In the wake of the Miss USA 2013 pageant, the news is buzzing with talk of Miss Utah, Marissa Powell’s, epic crash and burn during the question segment. Judge Nene Leakes asked her the following question:
“A recent report shows that in 40 percent of American families with children, women are the primary earners, yet they continue to earn less than men. What does this say about society?”
Giving the worst answer since Miss Teen South Carolina, Caitlin Upton’s cringe worthy reponse in 2007, Powell responded with:
“I think we can relate this back to education, and how we are … continuing to try to strive to [epic pause] figure out how to create jobs right now. That is the biggest problem. And I think, especially the men are … um … seen as the leaders of this, and so we need to try to figure out how to create educate better so we can solve this problem. Thank you.”
Both women—South Carolina and Utah—displayed their lack of education while attempting to answer questions relating to education in America. Oh, the shame. Oh, the irony.
Perhaps neither pageanteer is actually stupid, they just spent more time preparing for the bathing suit contest than for the Q&A segment. Intelligence isn’t exactly a staple of pageant culture, and the majority of the women participating in Miss USA have been a part of the pageant scene from a young age. From toddlers to adults, they are encouraged to be beautiful and thin—intelligence doesn’t exactly enhance the makeup and hairspray, after all.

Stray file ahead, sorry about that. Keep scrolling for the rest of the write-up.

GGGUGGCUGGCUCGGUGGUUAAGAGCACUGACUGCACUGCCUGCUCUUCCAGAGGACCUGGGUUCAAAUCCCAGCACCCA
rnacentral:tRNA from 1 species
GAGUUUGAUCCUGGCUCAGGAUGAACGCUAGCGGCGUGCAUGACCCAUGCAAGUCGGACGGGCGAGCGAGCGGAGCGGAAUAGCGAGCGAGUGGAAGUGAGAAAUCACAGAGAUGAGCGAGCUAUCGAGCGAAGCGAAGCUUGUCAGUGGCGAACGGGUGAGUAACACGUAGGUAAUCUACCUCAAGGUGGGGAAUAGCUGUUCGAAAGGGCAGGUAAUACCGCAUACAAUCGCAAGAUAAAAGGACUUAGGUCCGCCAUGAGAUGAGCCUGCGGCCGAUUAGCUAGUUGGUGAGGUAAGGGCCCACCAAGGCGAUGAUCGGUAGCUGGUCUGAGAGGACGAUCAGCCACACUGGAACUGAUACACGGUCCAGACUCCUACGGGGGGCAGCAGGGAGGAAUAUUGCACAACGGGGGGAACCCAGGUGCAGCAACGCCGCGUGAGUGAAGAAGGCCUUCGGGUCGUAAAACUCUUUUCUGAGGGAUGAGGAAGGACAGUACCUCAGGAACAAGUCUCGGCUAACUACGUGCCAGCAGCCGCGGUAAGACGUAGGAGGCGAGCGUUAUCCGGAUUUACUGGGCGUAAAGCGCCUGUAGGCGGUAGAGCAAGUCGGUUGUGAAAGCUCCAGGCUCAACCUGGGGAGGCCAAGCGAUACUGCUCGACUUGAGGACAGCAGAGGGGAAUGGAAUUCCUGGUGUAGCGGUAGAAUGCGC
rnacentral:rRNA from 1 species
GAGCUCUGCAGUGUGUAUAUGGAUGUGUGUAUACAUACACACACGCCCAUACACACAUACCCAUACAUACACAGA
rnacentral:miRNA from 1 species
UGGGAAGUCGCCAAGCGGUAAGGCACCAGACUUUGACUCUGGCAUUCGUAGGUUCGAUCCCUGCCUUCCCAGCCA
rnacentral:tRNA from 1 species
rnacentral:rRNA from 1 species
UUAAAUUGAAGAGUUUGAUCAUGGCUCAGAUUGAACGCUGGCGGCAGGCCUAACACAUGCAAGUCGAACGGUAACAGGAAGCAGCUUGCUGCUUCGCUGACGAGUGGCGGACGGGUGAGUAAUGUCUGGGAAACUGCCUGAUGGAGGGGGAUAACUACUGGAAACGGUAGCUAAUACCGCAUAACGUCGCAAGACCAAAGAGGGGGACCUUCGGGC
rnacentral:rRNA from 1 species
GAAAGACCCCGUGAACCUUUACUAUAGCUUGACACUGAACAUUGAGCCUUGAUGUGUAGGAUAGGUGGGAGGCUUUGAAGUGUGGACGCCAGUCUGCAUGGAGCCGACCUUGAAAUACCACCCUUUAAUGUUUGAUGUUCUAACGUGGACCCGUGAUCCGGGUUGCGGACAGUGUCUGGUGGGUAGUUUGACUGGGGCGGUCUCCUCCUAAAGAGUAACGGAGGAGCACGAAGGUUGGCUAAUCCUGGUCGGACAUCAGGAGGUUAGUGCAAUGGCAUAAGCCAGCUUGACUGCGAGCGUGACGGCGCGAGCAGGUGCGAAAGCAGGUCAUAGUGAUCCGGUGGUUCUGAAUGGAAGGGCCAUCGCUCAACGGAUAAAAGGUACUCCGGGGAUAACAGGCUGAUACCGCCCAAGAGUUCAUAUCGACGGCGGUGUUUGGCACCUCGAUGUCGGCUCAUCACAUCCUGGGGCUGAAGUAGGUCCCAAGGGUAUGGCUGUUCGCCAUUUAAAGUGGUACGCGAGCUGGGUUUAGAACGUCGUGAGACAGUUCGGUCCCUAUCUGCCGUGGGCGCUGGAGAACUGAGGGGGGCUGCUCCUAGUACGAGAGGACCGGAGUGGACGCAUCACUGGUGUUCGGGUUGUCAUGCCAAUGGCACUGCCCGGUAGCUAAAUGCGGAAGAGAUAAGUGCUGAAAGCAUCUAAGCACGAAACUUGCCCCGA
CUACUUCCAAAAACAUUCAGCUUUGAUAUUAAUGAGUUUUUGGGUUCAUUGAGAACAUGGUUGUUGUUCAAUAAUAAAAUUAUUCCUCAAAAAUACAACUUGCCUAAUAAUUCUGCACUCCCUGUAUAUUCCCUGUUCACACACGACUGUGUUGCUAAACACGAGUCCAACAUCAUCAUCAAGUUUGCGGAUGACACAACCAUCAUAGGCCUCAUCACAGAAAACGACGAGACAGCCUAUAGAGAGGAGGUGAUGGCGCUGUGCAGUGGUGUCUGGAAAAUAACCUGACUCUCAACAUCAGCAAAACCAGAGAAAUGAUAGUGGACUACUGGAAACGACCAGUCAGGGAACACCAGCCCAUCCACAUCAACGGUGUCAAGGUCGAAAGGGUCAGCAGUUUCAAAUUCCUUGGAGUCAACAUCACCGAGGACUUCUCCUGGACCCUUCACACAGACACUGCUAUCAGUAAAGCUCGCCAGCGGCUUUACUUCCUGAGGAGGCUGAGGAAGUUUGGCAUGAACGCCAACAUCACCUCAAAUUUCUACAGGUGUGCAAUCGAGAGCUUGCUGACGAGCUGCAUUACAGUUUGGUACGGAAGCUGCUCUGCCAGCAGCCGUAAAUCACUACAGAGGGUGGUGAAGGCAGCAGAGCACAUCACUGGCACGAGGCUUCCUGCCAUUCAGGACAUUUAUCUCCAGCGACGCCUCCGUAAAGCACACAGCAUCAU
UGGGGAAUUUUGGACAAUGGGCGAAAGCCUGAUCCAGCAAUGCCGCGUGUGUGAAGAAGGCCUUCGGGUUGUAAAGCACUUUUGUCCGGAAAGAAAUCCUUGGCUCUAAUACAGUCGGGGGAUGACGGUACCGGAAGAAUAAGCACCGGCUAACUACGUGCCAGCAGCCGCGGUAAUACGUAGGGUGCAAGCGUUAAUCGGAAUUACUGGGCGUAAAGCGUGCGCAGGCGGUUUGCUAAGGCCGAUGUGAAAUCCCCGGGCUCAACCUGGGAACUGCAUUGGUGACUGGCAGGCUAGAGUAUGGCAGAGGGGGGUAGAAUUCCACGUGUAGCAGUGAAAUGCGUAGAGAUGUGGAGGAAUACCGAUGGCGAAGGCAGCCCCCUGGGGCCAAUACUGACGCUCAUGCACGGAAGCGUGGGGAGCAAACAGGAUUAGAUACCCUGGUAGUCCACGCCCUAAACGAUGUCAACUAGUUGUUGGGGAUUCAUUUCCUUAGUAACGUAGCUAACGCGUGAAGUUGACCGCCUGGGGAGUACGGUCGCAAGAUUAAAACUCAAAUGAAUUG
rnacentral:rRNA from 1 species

Syd Brown, a child and adolescent psychologist practicing in Maryland, is concerned that pageants impede healthy and natural child development. “What they are learning basically is that they have one characteristic which is of total primary importance, and that is their body and their attractiveness,” he said.
If a woman focuses almost entirely on beauty and poise from childhood, it seems that ignorance would be a systemic (and expected) result. So why is the news abuzz with Miss Utah’s spectacularly stupid answer?
Because it’s entertaining.
And there is Miss Utah’s silver lining. Maybe everyone will laugh at her shame in the near future, just as they did with Miss Teen South Carolina in 2007. If we laugh long enough, I’m sure Powell will become the star of her own Tosh.O “web redemption,” becoming as equally famous off her stupidity as Upton has.
And in other unrelated news, Miss Connecticut won the pageant.